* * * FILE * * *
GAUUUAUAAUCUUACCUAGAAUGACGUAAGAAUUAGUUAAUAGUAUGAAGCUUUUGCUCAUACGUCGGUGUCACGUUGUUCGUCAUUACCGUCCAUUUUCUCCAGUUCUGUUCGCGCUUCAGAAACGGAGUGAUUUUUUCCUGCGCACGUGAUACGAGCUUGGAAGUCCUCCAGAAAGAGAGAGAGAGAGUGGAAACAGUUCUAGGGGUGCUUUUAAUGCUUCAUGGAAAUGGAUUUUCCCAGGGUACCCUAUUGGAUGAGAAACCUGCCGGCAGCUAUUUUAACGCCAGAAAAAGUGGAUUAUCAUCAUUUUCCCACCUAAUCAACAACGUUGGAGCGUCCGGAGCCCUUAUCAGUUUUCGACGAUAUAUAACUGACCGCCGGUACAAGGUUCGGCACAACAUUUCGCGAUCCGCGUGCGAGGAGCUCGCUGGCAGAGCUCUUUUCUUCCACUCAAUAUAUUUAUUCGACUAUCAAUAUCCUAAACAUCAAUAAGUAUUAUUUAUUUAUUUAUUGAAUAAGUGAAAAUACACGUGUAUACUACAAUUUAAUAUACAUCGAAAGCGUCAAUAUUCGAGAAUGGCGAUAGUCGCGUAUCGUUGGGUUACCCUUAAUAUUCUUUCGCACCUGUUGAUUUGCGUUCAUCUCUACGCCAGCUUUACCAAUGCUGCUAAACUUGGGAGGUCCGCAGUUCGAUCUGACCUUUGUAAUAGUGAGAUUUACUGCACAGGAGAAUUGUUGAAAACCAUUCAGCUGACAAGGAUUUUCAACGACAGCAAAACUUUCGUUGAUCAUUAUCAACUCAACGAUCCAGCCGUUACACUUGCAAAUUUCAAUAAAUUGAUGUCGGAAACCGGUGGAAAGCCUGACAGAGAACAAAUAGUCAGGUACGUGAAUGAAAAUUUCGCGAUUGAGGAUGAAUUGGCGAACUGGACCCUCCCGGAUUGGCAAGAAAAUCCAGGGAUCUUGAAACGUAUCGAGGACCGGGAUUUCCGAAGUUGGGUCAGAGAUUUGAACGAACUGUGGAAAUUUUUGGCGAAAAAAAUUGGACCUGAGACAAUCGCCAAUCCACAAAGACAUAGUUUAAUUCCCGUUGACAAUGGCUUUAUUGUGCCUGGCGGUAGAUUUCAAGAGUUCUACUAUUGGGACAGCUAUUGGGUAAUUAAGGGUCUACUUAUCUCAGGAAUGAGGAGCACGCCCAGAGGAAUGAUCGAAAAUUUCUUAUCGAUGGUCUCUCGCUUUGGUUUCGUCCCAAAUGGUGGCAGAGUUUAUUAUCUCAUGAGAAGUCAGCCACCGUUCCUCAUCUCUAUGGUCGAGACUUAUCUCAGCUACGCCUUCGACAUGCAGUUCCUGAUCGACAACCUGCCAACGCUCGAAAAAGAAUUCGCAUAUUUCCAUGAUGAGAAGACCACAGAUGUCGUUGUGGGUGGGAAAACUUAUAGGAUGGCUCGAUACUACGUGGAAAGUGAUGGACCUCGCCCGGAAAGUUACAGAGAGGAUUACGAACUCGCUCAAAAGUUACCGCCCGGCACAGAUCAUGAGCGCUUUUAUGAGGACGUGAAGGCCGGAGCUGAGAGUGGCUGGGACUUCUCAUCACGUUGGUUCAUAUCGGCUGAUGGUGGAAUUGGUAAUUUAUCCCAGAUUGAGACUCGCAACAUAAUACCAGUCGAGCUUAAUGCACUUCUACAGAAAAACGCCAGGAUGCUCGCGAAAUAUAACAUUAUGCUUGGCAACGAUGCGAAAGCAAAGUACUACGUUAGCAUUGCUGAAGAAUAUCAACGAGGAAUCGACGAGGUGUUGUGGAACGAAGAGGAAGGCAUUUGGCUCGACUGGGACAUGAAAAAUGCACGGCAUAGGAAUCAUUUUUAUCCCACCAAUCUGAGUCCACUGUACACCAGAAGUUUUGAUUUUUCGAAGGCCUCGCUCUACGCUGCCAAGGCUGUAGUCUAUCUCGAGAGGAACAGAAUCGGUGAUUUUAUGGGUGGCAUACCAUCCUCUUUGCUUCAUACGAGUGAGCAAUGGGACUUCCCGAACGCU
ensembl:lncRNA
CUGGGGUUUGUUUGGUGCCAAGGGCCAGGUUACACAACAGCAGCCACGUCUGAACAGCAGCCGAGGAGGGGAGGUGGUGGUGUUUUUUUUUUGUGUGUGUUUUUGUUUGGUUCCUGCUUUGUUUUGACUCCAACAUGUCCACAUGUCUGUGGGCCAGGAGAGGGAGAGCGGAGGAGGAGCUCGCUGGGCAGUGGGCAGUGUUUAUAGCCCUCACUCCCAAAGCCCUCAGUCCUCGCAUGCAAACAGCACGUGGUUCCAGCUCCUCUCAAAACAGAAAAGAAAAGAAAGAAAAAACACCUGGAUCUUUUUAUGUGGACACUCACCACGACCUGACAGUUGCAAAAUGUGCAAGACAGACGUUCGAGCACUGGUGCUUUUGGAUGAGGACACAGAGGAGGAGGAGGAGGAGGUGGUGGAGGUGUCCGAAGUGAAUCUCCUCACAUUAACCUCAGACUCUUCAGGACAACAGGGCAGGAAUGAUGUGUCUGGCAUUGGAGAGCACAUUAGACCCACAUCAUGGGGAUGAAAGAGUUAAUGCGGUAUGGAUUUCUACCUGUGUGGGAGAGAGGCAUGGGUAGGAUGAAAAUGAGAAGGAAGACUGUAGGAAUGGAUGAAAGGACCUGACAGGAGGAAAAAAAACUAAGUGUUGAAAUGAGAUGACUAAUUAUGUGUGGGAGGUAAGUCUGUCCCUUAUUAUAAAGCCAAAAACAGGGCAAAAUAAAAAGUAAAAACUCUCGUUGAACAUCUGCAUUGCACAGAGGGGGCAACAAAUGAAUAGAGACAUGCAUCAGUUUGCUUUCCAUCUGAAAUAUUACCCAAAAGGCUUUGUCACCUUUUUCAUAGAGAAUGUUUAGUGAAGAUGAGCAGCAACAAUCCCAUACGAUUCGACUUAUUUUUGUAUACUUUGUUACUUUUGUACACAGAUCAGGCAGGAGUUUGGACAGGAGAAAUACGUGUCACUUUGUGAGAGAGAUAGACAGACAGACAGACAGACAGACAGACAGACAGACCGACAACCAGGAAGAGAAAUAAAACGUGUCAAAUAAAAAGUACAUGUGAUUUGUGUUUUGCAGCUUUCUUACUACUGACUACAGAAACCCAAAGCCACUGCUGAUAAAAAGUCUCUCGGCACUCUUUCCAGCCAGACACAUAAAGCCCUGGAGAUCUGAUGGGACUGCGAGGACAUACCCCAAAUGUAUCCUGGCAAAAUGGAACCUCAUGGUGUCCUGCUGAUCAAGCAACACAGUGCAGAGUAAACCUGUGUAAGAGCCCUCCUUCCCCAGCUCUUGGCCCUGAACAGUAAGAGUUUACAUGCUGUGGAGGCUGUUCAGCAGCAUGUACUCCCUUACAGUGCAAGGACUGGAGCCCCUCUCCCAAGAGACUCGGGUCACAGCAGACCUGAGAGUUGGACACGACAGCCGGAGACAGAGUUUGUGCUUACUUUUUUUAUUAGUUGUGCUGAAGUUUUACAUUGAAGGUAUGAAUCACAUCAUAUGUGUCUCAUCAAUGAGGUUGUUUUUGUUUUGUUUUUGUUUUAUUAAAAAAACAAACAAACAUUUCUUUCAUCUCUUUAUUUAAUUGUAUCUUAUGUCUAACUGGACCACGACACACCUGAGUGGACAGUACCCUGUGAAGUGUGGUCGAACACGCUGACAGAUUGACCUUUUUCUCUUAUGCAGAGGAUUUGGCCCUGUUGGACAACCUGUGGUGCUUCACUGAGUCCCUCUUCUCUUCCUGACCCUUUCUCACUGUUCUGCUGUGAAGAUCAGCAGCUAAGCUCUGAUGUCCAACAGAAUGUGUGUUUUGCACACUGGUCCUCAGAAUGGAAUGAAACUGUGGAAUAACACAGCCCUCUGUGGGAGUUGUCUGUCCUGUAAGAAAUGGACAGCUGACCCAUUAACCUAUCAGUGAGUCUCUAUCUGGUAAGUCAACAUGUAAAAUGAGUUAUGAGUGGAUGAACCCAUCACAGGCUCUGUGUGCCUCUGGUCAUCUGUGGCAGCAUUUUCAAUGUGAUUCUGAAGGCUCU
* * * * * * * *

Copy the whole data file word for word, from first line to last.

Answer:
GAUUUAUAAUCUUACCUAGAAUGACGUAAGAAUUAGUUAAUAGUAUGAAGCUUUUGCUCAUACGUCGGUGUCACGUUGUUCGUCAUUACCGUCCAUUUUCUCCAGUUCUGUUCGCGCUUCAGAAACGGAGUGAUUUUUUCCUGCGCACGUGAUACGAGCUUGGAAGUCCUCCAGAAAGAGAGAGAGAGAGUGGAAACAGUUCUAGGGGUGCUUUUAAUGCUUCAUGGAAAUGGAUUUUCCCAGGGUACCCUAUUGGAUGAGAAACCUGCCGGCAGCUAUUUUAACGCCAGAAAAAGUGGAUUAUCAUCAUUUUCCCACCUAAUCAACAACGUUGGAGCGUCCGGAGCCCUUAUCAGUUUUCGACGAUAUAUAACUGACCGCCGGUACAAGGUUCGGCACAACAUUUCGCGAUCCGCGUGCGAGGAGCUCGCUGGCAGAGCUCUUUUCUUCCACUCAAUAUAUUUAUUCGACUAUCAAUAUCCUAAACAUCAAUAAGUAUUAUUUAUUUAUUUAUUGAAUAAGUGAAAAUACACGUGUAUACUACAAUUUAAUAUACAUCGAAAGCGUCAAUAUUCGAGAAUGGCGAUAGUCGCGUAUCGUUGGGUUACCCUUAAUAUUCUUUCGCACCUGUUGAUUUGCGUUCAUCUCUACGCCAGCUUUACCAAUGCUGCUAAACUUGGGAGGUCCGCAGUUCGAUCUGACCUUUGUAAUAGUGAGAUUUACUGCACAGGAGAAUUGUUGAAAACCAUUCAGCUGACAAGGAUUUUCAACGACAGCAAAACUUUCGUUGAUCAUUAUCAACUCAACGAUCCAGCCGUUACACUUGCAAAUUUCAAUAAAUUGAUGUCGGAAACCGGUGGAAAGCCUGACAGAGAACAAAUAGUCAGGUACGUGAAUGAAAAUUUCGCGAUUGAGGAUGAAUUGGCGAACUGGACCCUCCCGGAUUGGCAAGAAAAUCCAGGGAUCUUGAAACGUAUCGAGGACCGGGAUUUCCGAAGUUGGGUCAGAGAUUUGAACGAACUGUGGAAAUUUUUGGCGAAAAAAAUUGGACCUGAGACAAUCGCCAAUCCACAAAGACAUAGUUUAAUUCCCGUUGACAAUGGCUUUAUUGUGCCUGGCGGUAGAUUUCAAGAGUUCUACUAUUGGGACAGCUAUUGGGUAAUUAAGGGUCUACUUAUCUCAGGAAUGAGGAGCACGCCCAGAGGAAUGAUCGAAAAUUUCUUAUCGAUGGUCUCUCGCUUUGGUUUCGUCCCAAAUGGUGGCAGAGUUUAUUAUCUCAUGAGAAGUCAGCCACCGUUCCUCAUCUCUAUGGUCGAGACUUAUCUCAGCUACGCCUUCGACAUGCAGUUCCUGAUCGACAACCUGCCAACGCUCGAAAAAGAAUUCGCAUAUUUCCAUGAUGAGAAGACCACAGAUGUCGUUGUGGGUGGGAAAACUUAUAGGAUGGCUCGAUACUACGUGGAAAGUGAUGGACCUCGCCCGGAAAGUUACAGAGAGGAUUACGAACUCGCUCAAAAGUUACCGCCCGGCACAGAUCAUGAGCGCUUUUAUGAGGACGUGAAGGCCGGAGCUGAGAGUGGCUGGGACUUCUCAUCACGUUGGUUCAUAUCGGCUGAUGGUGGAAUUGGUAAUUUAUCCCAGAUUGAGACUCGCAACAUAAUACCAGUCGAGCUUAAUGCACUUCUACAGAAAAACGCCAGGAUGCUCGCGAAAUAUAACAUUAUGCUUGGCAACGAUGCGAAAGCAAAGUACUACGUUAGCAUUGCUGAAGAAUAUCAACGAGGAAUCGACGAGGUGUUGUGGAACGAAGAGGAAGGCAUUUGGCUCGACUGGGACAUGAAAAAUGCACGGCAUAGGAAUCAUUUUUAUCCCACCAAUCUGAGUCCACUGUACACCAGAAGUUUUGAUUUUUCGAAGGCCUCGCUCUACGCUGCCAAGGCUGUAGUCUAUCUCGAGAGGAACAGAAUCGGUGAUUUUAUGGGUGGCAUACCAUCCUCUUUGCUUCAUACGAGUGAGCAAUGGGACUUCCCGAACGCU
ensembl:lncRNA
CUGGGGUUUGUUUGGUGCCAAGGGCCAGGUUACACAACAGCAGCCACGUCUGAACAGCAGCCGAGGAGGGGAGGUGGUGGUGUUUUUUUUUUGUGUGUGUUUUUGUUUGGUUCCUGCUUUGUUUUGACUCCAACAUGUCCACAUGUCUGUGGGCCAGGAGAGGGAGAGCGGAGGAGGAGCUCGCUGGGCAGUGGGCAGUGUUUAUAGCCCUCACUCCCAAAGCCCUCAGUCCUCGCAUGCAAACAGCACGUGGUUCCAGCUCCUCUCAAAACAGAAAAGAAAAGAAAGAAAAAACACCUGGAUCUUUUUAUGUGGACACUCACCACGACCUGACAGUUGCAAAAUGUGCAAGACAGACGUUCGAGCACUGGUGCUUUUGGAUGAGGACACAGAGGAGGAGGAGGAGGAGGUGGUGGAGGUGUCCGAAGUGAAUCUCCUCACAUUAACCUCAGACUCUUCAGGACAACAGGGCAGGAAUGAUGUGUCUGGCAUUGGAGAGCACAUUAGACCCACAUCAUGGGGAUGAAAGAGUUAAUGCGGUAUGGAUUUCUACCUGUGUGGGAGAGAGGCAUGGGUAGGAUGAAAAUGAGAAGGAAGACUGUAGGAAUGGAUGAAAGGACCUGACAGGAGGAAAAAAAACUAAGUGUUGAAAUGAGAUGACUAAUUAUGUGUGGGAGGUAAGUCUGUCCCUUAUUAUAAAGCCAAAAACAGGGCAAAAUAAAAAGUAAAAACUCUCGUUGAACAUCUGCAUUGCACAGAGGGGGCAACAAAUGAAUAGAGACAUGCAUCAGUUUGCUUUCCAUCUGAAAUAUUACCCAAAAGGCUUUGUCACCUUUUUCAUAGAGAAUGUUUAGUGAAGAUGAGCAGCAACAAUCCCAUACGAUUCGACUUAUUUUUGUAUACUUUGUUACUUUUGUACACAGAUCAGGCAGGAGUUUGGACAGGAGAAAUACGUGUCACUUUGUGAGAGAGAUAGACAGACAGACAGACAGACAGACAGACAGACAGACCGACAACCAGGAAGAGAAAUAAAACGUGUCAAAUAAAAAGUACAUGUGAUUUGUGUUUUGCAGCUUUCUUACUACUGACUACAGAAACCCAAAGCCACUGCUGAUAAAAAGUCUCUCGGCACUCUUUCCAGCCAGACACAUAAAGCCCUGGAGAUCUGAUGGGACUGCGAGGACAUACCCCAAAUGUAUCCUGGCAAAAUGGAACCUCAUGGUGUCCUGCUGAUCAAGCAACACAGUGCAGAGUAAACCUGUGUAAGAGCCCUCCUUCCCCAGCUCUUGGCCCUGAACAGUAAGAGUUUACAUGCUGUGGAGGCUGUUCAGCAGCAUGUACUCCCUUACAGUGCAAGGACUGGAGCCCCUCUCCCAAGAGACUCGGGUCACAGCAGACCUGAGAGUUGGACACGACAGCCGGAGACAGAGUUUGUGCUUACUUUUUUUAUUAGUUGUGCUGAAGUUUUACAUUGAAGGUAUGAAUCACAUCAUAUGUGUCUCAUCAAUGAGGUUGUUUUUGUUUUGUUUUUGUUUUAUUAAAAAAACAAACAAACAUUUCUUUCAUCUCUUUAUUUAAUUGUAUCUUAUGUCUAACUGGACCACGACACACCUGAGUGGACAGUACCCUGUGAAGUGUGGUCGAACACGCUGACAGAUUGACCUUUUUCUCUUAUGCAGAGGAUUUGGCCCUGUUGGACAACCUGUGGUGCUUCACUGAGUCCCUCUUCUCUUCCUGACCCUUUCUCACUGUUCUGCUGUGAAGAUCAGCAGCUAAGCUCUGAUGUCCAACAGAAUGUGUGUUUUGCACACUGGUCCUCAGAAUGGAAUGAAACUGUGGAAUAACACAGCCCUCUGUGGGAGUUGUCUGUCCUGUAAGAAAUGGACAGCUGACCCAUUAACCUAUCAGUGAGUCUCUAUCUGGUAAGUCAACAUGUAAAAUGAGUUAUGAGUGGAUGAACCCAUCACAGGCUCUGUGUGCCUCUGGUCAUCUGUGGCAGCAUUUUCAAUGUGAUUCUGAAGGCUCU